As for creating a new vs. slowly improving the existing api: its probably good to do both, i.e. keep existing api with a new one next to it, so existing scripts can continue to run while the new api is developed (is this similar to the blender 210 api?), thus postponing the breaking of existing scripts untill the future has been stabilized.
I'm not a hardcore python programmer, so I don't know how the current state of things is, and what needs improving. Therefore I can't say whether its better to be radical or evolutionary at this point.

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Postby theeth » Tue Nov 05, 2002 3:46 am

About keeping old API for compatibility issues, I think that the solution adopted with Jan's API (better known as Blender210) would really be appropriate in this situation. What I mean is, let the module there, but under a different name (probably keep the name scheme name + version number), that way, it is still accessible and easy to adapt old scripts (example: import Blender210 as Blender) while having the advantage of not importing duplicated functions (Publisher 2.25 API).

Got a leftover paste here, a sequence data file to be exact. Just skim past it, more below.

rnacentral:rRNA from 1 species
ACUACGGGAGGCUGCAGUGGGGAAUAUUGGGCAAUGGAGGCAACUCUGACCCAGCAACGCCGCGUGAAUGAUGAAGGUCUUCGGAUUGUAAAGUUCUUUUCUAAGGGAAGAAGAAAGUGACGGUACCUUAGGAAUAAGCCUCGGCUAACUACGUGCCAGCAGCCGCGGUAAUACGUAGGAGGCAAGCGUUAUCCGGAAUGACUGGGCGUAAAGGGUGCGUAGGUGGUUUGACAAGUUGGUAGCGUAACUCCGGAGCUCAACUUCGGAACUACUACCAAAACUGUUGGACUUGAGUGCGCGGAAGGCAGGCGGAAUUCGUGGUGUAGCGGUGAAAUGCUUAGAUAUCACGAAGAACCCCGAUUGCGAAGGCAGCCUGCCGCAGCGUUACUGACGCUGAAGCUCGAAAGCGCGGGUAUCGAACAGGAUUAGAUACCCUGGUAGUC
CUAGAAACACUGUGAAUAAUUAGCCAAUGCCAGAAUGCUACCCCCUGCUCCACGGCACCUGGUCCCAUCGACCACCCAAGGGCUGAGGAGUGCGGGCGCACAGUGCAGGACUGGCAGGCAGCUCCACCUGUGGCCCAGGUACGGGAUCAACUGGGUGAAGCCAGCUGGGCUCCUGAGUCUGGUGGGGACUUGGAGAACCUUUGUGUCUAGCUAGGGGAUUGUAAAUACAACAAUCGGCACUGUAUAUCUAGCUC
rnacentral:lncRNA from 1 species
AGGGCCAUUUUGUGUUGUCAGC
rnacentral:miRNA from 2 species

As for Python replacing the current plugins API, I'm all for it, even if that should make some unhappy. What would be best is a dual C/Python api, although that could be achieved with only a Python module, using the Python/C interface to speed math oriented peice of code. All in all, I think it's a really good idea, as Python is IMHO, a lot more flexible and easily codable than C (a really debatable topic).

If ILM can use it in their in house project, why can't we? :wink: